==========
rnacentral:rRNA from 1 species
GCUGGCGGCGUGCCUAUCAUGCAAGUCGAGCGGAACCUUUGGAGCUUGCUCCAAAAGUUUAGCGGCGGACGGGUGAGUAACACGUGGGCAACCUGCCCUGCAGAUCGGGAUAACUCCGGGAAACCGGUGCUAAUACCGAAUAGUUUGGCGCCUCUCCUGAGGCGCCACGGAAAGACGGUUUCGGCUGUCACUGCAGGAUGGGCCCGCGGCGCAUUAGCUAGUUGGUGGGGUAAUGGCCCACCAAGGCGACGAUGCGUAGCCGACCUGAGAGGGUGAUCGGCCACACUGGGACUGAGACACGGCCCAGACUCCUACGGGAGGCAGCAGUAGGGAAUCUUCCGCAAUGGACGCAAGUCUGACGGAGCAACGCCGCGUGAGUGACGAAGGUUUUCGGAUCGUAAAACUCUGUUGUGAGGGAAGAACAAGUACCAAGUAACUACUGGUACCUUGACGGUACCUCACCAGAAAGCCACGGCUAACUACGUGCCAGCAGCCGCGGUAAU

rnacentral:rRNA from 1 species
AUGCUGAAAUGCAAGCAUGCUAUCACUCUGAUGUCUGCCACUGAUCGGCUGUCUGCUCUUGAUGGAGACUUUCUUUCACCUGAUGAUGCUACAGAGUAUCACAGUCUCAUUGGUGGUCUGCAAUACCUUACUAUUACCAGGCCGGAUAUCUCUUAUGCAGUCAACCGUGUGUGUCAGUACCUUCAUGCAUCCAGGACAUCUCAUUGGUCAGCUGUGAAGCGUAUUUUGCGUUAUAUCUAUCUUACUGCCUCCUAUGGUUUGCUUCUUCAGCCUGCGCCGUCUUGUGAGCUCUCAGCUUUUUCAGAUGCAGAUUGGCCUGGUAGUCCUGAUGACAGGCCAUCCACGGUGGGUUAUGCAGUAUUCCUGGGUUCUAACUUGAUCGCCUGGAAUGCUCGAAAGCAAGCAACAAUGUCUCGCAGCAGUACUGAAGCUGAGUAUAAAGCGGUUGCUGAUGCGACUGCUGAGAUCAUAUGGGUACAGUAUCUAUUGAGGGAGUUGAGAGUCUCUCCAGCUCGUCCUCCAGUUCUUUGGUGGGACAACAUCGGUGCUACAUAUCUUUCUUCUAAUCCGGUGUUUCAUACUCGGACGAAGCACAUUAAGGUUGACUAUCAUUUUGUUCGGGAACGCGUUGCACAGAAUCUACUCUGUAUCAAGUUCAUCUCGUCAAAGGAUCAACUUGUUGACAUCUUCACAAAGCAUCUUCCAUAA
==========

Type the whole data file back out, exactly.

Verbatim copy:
rnacentral:rRNA from 1 species
GCUGGCGGCGUGCCUAUCAUGCAAGUCGAGCGGAACCUUUGGAGCUUGCUCCAAAAGUUUAGCGGCGGACGGGUGAGUAACACGUGGGCAACCUGCCCUGCAGAUCGGGAUAACUCCGGGAAACCGGUGCUAAUACCGAAUAGUUUGGCGCCUCUCCUGAGGCGCCACGGAAAGACGGUUUCGGCUGUCACUGCAGGAUGGGCCCGCGGCGCAUUAGCUAGUUGGUGGGGUAAUGGCCCACCAAGGCGACGAUGCGUAGCCGACCUGAGAGGGUGAUCGGCCACACUGGGACUGAGACACGGCCCAGACUCCUACGGGAGGCAGCAGUAGGGAAUCUUCCGCAAUGGACGCAAGUCUGACGGAGCAACGCCGCGUGAGUGACGAAGGUUUUCGGAUCGUAAAACUCUGUUGUGAGGGAAGAACAAGUACCAAGUAACUACUGGUACCUUGACGGUACCUCACCAGAAAGCCACGGCUAACUACGUGCCAGCAGCCGCGGUAAU

rnacentral:rRNA from 1 species
AUGCUGAAAUGCAAGCAUGCUAUCACUCUGAUGUCUGCCACUGAUCGGCUGUCUGCUCUUGAUGGAGACUUUCUUUCACCUGAUGAUGCUACAGAGUAUCACAGUCUCAUUGGUGGUCUGCAAUACCUUACUAUUACCAGGCCGGAUAUCUCUUAUGCAGUCAACCGUGUGUGUCAGUACCUUCAUGCAUCCAGGACAUCUCAUUGGUCAGCUGUGAAGCGUAUUUUGCGUUAUAUCUAUCUUACUGCCUCCUAUGGUUUGCUUCUUCAGCCUGCGCCGUCUUGUGAGCUCUCAGCUUUUUCAGAUGCAGAUUGGCCUGGUAGUCCUGAUGACAGGCCAUCCACGGUGGGUUAUGCAGUAUUCCUGGGUUCUAACUUGAUCGCCUGGAAUGCUCGAAAGCAAGCAACAAUGUCUCGCAGCAGUACUGAAGCUGAGUAUAAAGCGGUUGCUGAUGCGACUGCUGAGAUCAUAUGGGUACAGUAUCUAUUGAGGGAGUUGAGAGUCUCUCCAGCUCGUCCUCCAGUUCUUUGGUGGGACAACAUCGGUGCUACAUAUCUUUCUUCUAAUCCGGUGUUUCAUACUCGGACGAAGCACAUUAAGGUUGACUAUCAUUUUGUUCGGGAACGCGUUGCACAGAAUCUACUCUGUAUCAAGUUCAUCUCGUCAAAGGAUCAACUUGUUGACAUCUUCACAAAGCAUCUUCCAUAA